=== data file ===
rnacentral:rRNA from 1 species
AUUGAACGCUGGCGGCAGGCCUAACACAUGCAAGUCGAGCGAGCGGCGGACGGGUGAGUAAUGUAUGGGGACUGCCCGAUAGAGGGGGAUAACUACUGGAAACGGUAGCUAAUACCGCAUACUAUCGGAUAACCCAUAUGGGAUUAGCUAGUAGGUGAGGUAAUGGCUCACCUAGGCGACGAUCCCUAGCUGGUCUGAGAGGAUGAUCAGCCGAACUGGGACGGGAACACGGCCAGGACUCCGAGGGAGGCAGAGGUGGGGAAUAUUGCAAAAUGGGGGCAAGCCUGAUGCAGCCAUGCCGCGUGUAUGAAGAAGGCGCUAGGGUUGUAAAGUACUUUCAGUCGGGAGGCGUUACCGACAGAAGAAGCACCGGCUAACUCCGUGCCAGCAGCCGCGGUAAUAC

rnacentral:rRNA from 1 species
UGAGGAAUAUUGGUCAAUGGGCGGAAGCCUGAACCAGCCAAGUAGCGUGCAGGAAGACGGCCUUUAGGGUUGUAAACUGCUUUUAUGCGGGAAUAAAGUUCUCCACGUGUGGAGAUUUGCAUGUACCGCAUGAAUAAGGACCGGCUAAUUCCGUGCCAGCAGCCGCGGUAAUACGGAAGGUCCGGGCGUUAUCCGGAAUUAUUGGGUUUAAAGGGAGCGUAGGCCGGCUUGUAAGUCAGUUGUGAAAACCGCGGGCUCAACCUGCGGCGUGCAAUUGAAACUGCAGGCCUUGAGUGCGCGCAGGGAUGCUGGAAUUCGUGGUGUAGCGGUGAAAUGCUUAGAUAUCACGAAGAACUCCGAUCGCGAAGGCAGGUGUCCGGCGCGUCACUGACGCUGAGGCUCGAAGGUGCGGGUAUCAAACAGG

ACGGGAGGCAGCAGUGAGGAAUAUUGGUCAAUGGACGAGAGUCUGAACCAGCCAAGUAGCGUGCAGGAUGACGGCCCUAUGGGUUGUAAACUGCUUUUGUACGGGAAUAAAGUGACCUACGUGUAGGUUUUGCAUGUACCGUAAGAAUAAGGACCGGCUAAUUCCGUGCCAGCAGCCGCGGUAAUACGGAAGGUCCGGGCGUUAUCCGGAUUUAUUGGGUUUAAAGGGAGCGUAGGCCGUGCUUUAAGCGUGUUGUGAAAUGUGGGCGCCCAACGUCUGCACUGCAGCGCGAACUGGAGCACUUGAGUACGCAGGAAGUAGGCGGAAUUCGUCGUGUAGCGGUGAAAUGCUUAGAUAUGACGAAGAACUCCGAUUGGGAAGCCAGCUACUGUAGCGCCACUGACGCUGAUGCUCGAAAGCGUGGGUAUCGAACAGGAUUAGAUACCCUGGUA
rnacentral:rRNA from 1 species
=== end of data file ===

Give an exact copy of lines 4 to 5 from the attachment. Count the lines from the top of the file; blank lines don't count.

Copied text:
UGAGGAAUAUUGGUCAAUGGGCGGAAGCCUGAACCAGCCAAGUAGCGUGCAGGAAGACGGCCUUUAGGGUUGUAAACUGCUUUUAUGCGGGAAUAAAGUUCUCCACGUGUGGAGAUUUGCAUGUACCGCAUGAAUAAGGACCGGCUAAUUCCGUGCCAGCAGCCGCGGUAAUACGGAAGGUCCGGGCGUUAUCCGGAAUUAUUGGGUUUAAAGGGAGCGUAGGCCGGCUUGUAAGUCAGUUGUGAAAACCGCGGGCUCAACCUGCGGCGUGCAAUUGAAACUGCAGGCCUUGAGUGCGCGCAGGGAUGCUGGAAUUCGUGGUGUAGCGGUGAAAUGCUUAGAUAUCACGAAGAACUCCGAUCGCGAAGGCAGGUGUCCGGCGCGUCACUGACGCUGAGGCUCGAAGGUGCGGGUAUCAAACAGG

ACGGGAGGCAGCAGUGAGGAAUAUUGGUCAAUGGACGAGAGUCUGAACCAGCCAAGUAGCGUGCAGGAUGACGGCCCUAUGGGUUGUAAACUGCUUUUGUACGGGAAUAAAGUGACCUACGUGUAGGUUUUGCAUGUACCGUAAGAAUAAGGACCGGCUAAUUCCGUGCCAGCAGCCGCGGUAAUACGGAAGGUCCGGGCGUUAUCCGGAUUUAUUGGGUUUAAAGGGAGCGUAGGCCGUGCUUUAAGCGUGUUGUGAAAUGUGGGCGCCCAACGUCUGCACUGCAGCGCGAACUGGAGCACUUGAGUACGCAGGAAGUAGGCGGAAUUCGUCGUGUAGCGGUGAAAUGCUUAGAUAUGACGAAGAACUCCGAUUGGGAAGCCAGCUACUGUAGCGCCACUGACGCUGAUGCUCGAAAGCGUGGGUAUCGAACAGGAUUAGAUACCCUGGUA